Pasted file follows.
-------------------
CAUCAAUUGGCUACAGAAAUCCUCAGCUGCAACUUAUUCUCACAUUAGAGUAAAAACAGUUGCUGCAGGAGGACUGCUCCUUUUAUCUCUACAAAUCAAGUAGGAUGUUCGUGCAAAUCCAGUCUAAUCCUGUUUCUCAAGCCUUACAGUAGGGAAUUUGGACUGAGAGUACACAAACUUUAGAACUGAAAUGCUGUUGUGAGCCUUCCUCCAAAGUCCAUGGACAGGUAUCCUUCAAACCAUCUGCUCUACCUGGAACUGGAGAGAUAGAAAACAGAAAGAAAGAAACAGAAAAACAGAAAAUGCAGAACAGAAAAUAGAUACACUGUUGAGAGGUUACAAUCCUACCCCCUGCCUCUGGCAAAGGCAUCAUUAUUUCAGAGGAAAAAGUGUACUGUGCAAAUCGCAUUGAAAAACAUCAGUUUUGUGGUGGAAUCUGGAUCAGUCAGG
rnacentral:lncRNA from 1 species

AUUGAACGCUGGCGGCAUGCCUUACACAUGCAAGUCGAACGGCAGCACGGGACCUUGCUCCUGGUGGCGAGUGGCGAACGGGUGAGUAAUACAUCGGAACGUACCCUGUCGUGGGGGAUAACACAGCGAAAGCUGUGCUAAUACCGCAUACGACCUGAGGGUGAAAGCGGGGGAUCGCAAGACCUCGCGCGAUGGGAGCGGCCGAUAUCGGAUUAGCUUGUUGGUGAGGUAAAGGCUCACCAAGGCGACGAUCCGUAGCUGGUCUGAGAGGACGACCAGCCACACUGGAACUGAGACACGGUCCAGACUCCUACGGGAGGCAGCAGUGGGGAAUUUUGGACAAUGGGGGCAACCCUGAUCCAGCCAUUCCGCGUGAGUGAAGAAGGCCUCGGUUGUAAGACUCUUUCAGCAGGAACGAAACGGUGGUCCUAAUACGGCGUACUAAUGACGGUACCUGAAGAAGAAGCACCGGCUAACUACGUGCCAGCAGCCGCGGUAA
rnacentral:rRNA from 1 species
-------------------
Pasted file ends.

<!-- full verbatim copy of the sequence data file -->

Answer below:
CAUCAAUUGGCUACAGAAAUCCUCAGCUGCAACUUAUUCUCACAUUAGAGUAAAAACAGUUGCUGCAGGAGGACUGCUCCUUUUAUCUCUACAAAUCAAGUAGGAUGUUCGUGCAAAUCCAGUCUAAUCCUGUUUCUCAAGCCUUACAGUAGGGAAUUUGGACUGAGAGUACACAAACUUUAGAACUGAAAUGCUGUUGUGAGCCUUCCUCCAAAGUCCAUGGACAGGUAUCCUUCAAACCAUCUGCUCUACCUGGAACUGGAGAGAUAGAAAACAGAAAGAAAGAAACAGAAAAACAGAAAAUGCAGAACAGAAAAUAGAUACACUGUUGAGAGGUUACAAUCCUACCCCCUGCCUCUGGCAAAGGCAUCAUUAUUUCAGAGGAAAAAGUGUACUGUGCAAAUCGCAUUGAAAAACAUCAGUUUUGUGGUGGAAUCUGGAUCAGUCAGG
rnacentral:lncRNA from 1 species

AUUGAACGCUGGCGGCAUGCCUUACACAUGCAAGUCGAACGGCAGCACGGGACCUUGCUCCUGGUGGCGAGUGGCGAACGGGUGAGUAAUACAUCGGAACGUACCCUGUCGUGGGGGAUAACACAGCGAAAGCUGUGCUAAUACCGCAUACGACCUGAGGGUGAAAGCGGGGGAUCGCAAGACCUCGCGCGAUGGGAGCGGCCGAUAUCGGAUUAGCUUGUUGGUGAGGUAAAGGCUCACCAAGGCGACGAUCCGUAGCUGGUCUGAGAGGACGACCAGCCACACUGGAACUGAGACACGGUCCAGACUCCUACGGGAGGCAGCAGUGGGGAAUUUUGGACAAUGGGGGCAACCCUGAUCCAGCCAUUCCGCGUGAGUGAAGAAGGCCUCGGUUGUAAGACUCUUUCAGCAGGAACGAAACGGUGGUCCUAAUACGGCGUACUAAUGACGGUACCUGAAGAAGAAGCACCGGCUAACUACGUGCCAGCAGCCGCGGUAA
rnacentral:rRNA from 1 species